Recent research has also demonstrated a role for Kadcyla in the treatment of early HER2-positive breast cancer. In patients at very high risk of recurrence, whose tumours did not shrink completely after neoadjuvant treatment with Herceptin and Perjeta, adding Kadcyla to Herceptin for their treatment after surgery reduced their risk of having a recurrence of invasive breast cancer or death by 50% [7]. Pharmac has now funded Kadcyla for patients with early HER2-positive breast cancer who are at high risk of recurrence (May 2023).

Find out more

The pharmaceutical company, Roche, has a website with some useful information about HER2-positive breast cancer, Herceptin, Perjeta and Kadcyla. Visit https://cancertreatments.co.nz/breast-cancer/


[1] Slamon et al. Studies of the HER-2/neu proto-oncogene in human breast and ovarian cancer. Science, 12 May 1989: Vol. 244, Issue 4905, pp. 707-712
DOI: 10.1126/science.2470152

[2] Perez et al. Trastuzumab Plus Adjuvant Chemotherapy for Human Epidermal Growth Factor Receptor 2–Positive Breast Cancer: Planned Joint Analysis of Overall Survival From NSABP B-31 and NCCTG N9831. J Clinical Oncology 32, no. 33 (Nov 20, 2014) 3744-3752. https://ascopubs.org/doi/10.1200/JCO.2014.55.5730

[3] Niraula S, Gyawali B. Optimal duration of adjuvant trastuzumab in treatment of early breast cancer: a meta-analysis of randomized controlled trials. Breast Cancer Res Treat. 2019;173(1):103-109. doi:10.1007/s10549-018-4967-8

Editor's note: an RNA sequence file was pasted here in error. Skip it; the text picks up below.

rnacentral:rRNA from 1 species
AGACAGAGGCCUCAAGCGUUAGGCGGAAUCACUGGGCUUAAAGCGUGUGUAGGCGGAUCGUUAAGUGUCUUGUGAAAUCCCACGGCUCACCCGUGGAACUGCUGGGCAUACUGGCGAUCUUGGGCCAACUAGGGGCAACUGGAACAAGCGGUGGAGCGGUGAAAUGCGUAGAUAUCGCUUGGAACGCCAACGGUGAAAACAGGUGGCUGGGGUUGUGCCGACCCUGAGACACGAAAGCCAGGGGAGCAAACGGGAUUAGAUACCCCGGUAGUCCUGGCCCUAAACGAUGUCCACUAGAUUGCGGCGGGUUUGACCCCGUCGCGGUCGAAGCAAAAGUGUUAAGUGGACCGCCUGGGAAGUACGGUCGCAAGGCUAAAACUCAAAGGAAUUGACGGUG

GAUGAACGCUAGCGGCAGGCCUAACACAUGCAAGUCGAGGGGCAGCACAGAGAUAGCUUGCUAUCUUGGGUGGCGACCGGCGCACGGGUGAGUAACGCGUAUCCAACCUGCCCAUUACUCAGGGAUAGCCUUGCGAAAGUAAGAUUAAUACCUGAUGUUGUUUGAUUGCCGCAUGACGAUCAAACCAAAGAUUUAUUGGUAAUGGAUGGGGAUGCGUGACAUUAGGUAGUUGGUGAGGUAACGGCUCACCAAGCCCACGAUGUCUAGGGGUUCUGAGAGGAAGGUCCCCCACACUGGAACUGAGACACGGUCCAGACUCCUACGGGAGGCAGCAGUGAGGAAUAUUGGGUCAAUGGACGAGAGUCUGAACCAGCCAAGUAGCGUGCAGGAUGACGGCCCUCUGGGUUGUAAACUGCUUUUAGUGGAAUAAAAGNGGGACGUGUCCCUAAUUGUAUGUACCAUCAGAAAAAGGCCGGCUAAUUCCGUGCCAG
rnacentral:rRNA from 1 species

[4] Deng H, Du X, Wang L, Chen M. Six Months vs. 12 Months of Adjuvant Trastuzumab Among Women With HER2-Positive Early-Stage Breast Cancer: A Meta-Analysis of Randomized Controlled Trials. Front Oncol. 2020;10:288. Published 2020 Mar 20. doi:10.3389/fonc.2020.00288

[5] Gianni L, Pienkowski T, Im Y-H, et al: 5-Year analysis of neoadjuvant pertuzumab and trastuzumab in patients with locally advanced, inflammatory, or early-stage HER2-positive breast cancer NeoSphere: A multicenter, open-label, phase 2 randomised trial. Lancet Oncol 17:791-800, 2016.

[6] Minckwitz et al. Adjuvant Pertuzumab and Trastuzumab in early HER2-Positive Breast Cancer. New England Journal of Medicine 2017; 377: 122-131. https://www.nejm.org/doi/10.1056/NEJMoa1703643

[7] Minckwitz et al. Trastuzumab Emtansine for Residual Invasive HER2-Positive Breast Cancer. New England Journal of Medicine 2019; 380: 617-628. https://www.nejm.org/doi/full/10.1056/nejmoa1814017